Nigerian militants attacked a gas plant operated by Royal Dutch Shell in the Niger Delta on Saturday and warned of more attacks to come.
A spokesman for Shell in Nigeria confirmed the attack and said one employee of its SPDC joint venture and two contractors had been hurt but were in a stable condition.
MEND, whose attacks in the Niger Delta have shut down more than a fifth of Nigeria’s crude oil output over the past three years, called off a five-month-old ceasefire a week ago. It had warned it would strike in Rivers state further east.
“MEND decided on this location (Utorogu) to dispel the false sense of peace and security in Delta state which the governor has been boasting about,” it said in an emailed statement.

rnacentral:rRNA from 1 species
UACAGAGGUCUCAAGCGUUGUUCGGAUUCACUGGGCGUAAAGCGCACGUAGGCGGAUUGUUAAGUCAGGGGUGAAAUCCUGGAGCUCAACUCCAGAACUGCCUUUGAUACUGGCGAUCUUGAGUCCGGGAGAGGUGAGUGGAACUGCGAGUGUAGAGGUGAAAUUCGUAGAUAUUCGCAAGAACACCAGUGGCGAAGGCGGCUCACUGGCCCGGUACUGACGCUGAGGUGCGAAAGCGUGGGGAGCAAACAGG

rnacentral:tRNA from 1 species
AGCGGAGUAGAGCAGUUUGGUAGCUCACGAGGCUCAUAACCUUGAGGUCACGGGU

“It is also to send a message to the oil companies that all the pipelines they have repaired in the western Delta will soon be in need of repairs again.”
During early 2006 and 2007, militant attacks on industry installations focused on the Niger Delta’s western states of Delta and Bayelsa. A significant amount of oil production in the western delta remains shut down because of the sabotage.
More than 200 foreigners have been kidnapped in the Niger Delta since MEND launched its campaign of attacks three years ago, most of them released unharmed.
A nine-year-old Nigerian boy whose father works for Shell was also freed on Friday, a week after gunmen kidnapped him and killed his 11-year old sister as they walked to school.
MEND warned a week ago of a “sweeping assault” on Nigeria’s oil and gas industry, the biggest in Africa.